ATLANTA, GA – Stating the potential for significant functional gains and a return to baseline in a matter of minutes, physical therapist Darryl Young has recommended his hospitalized patient go to hyperacute rehab (HAR) post-discharge.
“More often than not, patients will benefit from acute or subacute rehab,” explained Young, who states that his patient progressed from unable to walk to hurdling stretchers in 20 minutes. “But every once in a blue moon, a special patient comes along who deserves the most intensive, multidisciplinary rehabilitation program out there, and that’s hyperacute rehab. They don’t just benefit: they crush their condition and come out better than before. This patient will be perfect for that.”
Like acute and subacute rehab, hyperacute rehab involves physical therapy, occupational therapy, and speech therapy as needed. However, whereas acute rehab can involve at least 3 hours of therapy most days of the week and subacute rehab can involve 1-2 hours of therapy for several days of the week, patients in hyperacute rehab receive therapy every second and minute while they are there. And that leads to another difference: the length of stay of hyperacute rehab is markedly less than the other types of rehab, ranging from as little as 3 minutes to as long as 23 hours.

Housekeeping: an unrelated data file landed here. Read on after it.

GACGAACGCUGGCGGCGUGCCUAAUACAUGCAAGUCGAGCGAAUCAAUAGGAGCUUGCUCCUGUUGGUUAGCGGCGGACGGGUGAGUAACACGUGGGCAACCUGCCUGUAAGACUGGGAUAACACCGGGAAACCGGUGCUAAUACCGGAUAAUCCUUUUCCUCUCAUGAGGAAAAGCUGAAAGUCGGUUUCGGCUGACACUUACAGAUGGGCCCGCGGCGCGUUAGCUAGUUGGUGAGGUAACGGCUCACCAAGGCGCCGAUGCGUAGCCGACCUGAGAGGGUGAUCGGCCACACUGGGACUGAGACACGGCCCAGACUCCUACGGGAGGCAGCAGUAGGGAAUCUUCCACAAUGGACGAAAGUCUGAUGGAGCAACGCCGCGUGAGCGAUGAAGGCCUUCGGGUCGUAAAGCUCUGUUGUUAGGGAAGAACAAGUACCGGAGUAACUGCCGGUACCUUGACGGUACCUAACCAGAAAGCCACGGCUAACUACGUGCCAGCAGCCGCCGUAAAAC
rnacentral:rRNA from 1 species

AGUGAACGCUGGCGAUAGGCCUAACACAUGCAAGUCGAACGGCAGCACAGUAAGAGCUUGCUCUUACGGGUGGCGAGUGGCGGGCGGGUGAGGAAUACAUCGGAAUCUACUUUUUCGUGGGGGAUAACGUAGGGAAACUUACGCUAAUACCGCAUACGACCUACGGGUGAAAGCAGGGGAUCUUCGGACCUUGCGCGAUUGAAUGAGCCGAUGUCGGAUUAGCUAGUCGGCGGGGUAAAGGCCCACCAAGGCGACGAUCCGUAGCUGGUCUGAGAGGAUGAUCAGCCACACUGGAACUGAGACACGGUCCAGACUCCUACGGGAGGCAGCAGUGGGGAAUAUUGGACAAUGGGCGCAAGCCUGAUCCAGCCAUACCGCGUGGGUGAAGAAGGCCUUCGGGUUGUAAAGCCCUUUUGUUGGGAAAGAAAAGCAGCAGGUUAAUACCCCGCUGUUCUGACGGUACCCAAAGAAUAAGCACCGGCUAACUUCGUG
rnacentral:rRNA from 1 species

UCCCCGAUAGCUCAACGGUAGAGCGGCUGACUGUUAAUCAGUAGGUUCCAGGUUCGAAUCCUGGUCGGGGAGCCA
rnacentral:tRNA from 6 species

“In some cases, the recovery can be so swift than we’ve seen patients return to baseline in a matter of seconds, and even become invincible and indestructible,” said Dr. Jamison Lake, the medical director at Hyperacute or Die-Trying Rehab in Roswell, GA. “A lot of that has to do with the intensive therapy: it’s not uncommon for 30-to-40 therapists to be working on a single patient at any given time in order to essentially turn the patient into a superhero.”
According to sources, many believe that if Young’s patient remains motivated and focused on her recovery, she can easily graduate hyperacute rehab not only a full-fledged ninja, but with 20 extra lives.